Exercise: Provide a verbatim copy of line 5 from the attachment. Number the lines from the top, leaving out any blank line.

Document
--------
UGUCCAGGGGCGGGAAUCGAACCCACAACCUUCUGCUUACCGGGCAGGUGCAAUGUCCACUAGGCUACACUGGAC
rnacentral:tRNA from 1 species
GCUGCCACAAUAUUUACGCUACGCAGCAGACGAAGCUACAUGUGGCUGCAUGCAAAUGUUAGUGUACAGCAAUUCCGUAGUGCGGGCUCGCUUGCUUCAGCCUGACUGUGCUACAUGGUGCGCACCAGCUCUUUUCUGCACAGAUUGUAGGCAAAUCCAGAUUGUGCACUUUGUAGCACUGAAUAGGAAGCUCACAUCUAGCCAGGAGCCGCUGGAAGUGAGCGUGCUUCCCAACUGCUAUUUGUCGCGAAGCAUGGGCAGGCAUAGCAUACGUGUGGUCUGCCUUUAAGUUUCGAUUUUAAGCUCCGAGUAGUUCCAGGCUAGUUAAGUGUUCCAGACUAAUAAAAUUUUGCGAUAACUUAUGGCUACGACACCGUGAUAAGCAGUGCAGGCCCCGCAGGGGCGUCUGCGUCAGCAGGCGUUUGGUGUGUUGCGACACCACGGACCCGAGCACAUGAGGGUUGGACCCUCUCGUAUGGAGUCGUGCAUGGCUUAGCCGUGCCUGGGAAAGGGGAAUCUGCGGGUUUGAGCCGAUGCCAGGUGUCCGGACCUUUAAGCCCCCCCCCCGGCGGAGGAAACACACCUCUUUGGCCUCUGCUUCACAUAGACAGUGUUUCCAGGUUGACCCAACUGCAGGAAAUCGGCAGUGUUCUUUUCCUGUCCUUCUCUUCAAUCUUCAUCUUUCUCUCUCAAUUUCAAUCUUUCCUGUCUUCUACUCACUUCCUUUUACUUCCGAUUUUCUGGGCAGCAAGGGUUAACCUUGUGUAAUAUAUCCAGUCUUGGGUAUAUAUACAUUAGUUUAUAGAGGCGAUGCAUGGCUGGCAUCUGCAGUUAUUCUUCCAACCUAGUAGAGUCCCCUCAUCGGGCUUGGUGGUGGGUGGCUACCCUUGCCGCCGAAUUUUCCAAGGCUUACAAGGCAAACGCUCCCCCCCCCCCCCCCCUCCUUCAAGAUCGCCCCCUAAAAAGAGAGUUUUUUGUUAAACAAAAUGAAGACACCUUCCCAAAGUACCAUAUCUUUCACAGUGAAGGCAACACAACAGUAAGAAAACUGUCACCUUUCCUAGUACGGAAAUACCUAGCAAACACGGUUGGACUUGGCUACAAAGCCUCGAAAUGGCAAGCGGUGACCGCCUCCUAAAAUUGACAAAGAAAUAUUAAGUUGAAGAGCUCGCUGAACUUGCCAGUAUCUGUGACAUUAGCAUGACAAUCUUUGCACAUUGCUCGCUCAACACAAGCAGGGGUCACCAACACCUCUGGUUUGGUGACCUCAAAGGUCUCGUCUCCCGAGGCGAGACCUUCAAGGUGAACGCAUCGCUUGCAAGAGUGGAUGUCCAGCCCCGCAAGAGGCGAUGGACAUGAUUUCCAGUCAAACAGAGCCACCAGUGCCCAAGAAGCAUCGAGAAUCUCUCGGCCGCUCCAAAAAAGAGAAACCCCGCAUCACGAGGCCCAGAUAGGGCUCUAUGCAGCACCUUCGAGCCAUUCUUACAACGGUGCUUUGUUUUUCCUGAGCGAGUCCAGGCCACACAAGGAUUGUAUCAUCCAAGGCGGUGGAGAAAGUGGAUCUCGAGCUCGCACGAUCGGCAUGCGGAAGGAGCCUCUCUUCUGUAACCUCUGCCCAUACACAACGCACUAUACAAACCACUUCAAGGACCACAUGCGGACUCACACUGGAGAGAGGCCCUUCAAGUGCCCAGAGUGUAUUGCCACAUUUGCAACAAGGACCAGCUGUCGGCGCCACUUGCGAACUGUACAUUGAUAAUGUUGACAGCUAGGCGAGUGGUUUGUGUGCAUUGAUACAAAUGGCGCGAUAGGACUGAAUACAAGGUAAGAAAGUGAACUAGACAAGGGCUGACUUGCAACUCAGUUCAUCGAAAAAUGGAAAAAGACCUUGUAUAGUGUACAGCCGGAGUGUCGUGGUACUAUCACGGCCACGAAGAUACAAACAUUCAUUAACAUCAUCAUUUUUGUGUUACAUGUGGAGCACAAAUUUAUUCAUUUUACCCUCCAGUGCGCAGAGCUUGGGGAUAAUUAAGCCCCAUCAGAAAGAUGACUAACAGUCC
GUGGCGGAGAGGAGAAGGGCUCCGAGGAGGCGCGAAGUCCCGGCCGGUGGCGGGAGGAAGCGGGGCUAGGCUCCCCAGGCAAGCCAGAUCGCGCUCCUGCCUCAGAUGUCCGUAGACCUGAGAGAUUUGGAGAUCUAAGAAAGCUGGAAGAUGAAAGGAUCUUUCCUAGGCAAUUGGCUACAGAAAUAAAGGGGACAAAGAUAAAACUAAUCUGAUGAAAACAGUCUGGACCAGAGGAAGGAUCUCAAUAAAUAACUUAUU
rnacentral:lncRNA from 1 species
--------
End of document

rnacentral:lncRNA from 1 species